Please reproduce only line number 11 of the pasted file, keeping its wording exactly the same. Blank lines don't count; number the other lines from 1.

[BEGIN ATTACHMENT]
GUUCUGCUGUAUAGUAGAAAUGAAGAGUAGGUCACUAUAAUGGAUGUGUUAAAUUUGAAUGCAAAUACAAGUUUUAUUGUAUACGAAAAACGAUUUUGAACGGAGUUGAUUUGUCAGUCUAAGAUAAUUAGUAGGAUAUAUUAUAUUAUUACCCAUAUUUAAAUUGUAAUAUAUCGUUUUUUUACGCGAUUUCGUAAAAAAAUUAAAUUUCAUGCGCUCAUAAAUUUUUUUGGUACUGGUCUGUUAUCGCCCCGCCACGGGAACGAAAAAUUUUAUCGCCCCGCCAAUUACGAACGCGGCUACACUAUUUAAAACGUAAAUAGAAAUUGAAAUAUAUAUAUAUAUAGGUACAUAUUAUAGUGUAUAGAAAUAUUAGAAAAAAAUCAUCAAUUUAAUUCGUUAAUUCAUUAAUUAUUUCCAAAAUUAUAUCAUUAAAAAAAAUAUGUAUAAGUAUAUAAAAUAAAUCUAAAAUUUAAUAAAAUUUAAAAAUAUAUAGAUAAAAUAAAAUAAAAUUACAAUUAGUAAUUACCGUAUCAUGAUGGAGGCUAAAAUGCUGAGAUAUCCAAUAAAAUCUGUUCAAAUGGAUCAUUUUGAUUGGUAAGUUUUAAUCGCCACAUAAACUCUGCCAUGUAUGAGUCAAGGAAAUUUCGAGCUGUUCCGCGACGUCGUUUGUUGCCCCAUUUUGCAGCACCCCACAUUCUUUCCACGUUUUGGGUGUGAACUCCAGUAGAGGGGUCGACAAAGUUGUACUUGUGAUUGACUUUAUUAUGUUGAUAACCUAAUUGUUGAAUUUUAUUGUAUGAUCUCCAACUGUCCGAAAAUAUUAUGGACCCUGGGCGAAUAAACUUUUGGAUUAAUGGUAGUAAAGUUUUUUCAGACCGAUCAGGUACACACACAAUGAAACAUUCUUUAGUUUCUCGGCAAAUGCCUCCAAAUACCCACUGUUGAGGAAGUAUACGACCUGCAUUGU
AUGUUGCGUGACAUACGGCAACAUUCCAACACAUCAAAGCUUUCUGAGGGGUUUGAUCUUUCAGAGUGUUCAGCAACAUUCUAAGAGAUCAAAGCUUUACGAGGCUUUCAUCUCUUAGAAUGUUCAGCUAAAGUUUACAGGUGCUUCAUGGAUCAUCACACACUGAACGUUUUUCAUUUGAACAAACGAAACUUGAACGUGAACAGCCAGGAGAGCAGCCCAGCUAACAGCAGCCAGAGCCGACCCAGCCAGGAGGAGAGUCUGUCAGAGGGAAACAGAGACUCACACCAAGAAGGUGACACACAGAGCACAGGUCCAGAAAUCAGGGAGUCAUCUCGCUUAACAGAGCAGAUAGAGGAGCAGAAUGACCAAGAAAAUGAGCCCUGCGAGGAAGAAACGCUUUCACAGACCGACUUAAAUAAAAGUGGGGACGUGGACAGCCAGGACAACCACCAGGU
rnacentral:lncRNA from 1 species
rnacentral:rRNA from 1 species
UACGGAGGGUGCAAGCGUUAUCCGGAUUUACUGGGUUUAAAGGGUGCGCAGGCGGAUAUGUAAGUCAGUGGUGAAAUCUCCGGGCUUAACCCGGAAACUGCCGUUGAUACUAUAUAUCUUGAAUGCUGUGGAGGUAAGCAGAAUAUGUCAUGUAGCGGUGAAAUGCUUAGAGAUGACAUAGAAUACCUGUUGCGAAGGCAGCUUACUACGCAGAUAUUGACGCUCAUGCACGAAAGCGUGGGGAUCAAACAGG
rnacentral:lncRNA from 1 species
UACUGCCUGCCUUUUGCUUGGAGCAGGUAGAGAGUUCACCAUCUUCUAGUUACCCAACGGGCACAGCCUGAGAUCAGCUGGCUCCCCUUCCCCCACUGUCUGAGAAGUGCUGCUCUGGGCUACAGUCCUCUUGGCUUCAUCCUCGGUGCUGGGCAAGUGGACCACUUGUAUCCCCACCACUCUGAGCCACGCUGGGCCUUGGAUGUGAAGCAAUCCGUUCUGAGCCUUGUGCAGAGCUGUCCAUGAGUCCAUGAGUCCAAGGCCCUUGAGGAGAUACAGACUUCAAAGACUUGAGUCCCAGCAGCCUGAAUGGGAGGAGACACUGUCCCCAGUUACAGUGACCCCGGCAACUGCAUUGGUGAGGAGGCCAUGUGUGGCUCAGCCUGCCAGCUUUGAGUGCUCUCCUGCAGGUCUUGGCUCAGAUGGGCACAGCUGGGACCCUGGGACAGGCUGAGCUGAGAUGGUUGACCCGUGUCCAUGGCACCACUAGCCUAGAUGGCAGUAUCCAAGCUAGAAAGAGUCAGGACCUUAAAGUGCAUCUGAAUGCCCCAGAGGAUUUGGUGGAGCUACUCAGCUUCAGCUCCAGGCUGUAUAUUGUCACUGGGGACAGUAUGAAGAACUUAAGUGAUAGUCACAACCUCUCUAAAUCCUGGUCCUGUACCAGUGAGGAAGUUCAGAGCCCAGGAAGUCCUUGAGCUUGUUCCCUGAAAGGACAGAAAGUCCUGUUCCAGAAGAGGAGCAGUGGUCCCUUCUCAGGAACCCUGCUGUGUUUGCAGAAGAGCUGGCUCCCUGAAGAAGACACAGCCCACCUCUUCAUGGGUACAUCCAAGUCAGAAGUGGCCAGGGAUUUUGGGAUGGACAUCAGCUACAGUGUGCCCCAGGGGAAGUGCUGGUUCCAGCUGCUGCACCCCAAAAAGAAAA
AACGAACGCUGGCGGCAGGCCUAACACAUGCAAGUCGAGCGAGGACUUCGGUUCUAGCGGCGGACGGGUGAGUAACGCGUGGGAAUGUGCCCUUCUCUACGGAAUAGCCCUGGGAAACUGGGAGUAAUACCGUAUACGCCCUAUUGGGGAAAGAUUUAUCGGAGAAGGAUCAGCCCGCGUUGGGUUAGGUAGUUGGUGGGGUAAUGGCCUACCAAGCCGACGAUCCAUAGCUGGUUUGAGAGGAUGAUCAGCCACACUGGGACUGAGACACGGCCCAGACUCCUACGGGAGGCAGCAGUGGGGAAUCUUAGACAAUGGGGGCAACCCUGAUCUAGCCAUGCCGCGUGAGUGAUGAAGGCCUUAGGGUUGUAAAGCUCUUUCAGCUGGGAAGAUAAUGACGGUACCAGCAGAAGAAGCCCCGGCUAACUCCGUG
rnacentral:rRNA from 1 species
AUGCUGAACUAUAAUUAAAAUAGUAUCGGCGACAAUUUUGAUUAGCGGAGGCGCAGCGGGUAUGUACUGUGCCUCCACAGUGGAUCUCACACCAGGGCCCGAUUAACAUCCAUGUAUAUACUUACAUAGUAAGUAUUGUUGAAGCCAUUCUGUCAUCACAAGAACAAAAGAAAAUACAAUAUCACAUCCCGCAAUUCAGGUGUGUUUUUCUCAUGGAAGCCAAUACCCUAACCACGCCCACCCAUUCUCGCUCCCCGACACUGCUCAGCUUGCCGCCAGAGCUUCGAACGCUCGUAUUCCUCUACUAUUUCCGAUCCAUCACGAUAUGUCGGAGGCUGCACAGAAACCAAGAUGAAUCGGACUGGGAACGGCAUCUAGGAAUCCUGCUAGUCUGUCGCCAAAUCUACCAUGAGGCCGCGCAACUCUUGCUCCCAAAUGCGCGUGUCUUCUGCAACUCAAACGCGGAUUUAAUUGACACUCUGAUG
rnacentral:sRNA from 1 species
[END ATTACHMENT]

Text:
rnacentral:sRNA from 1 species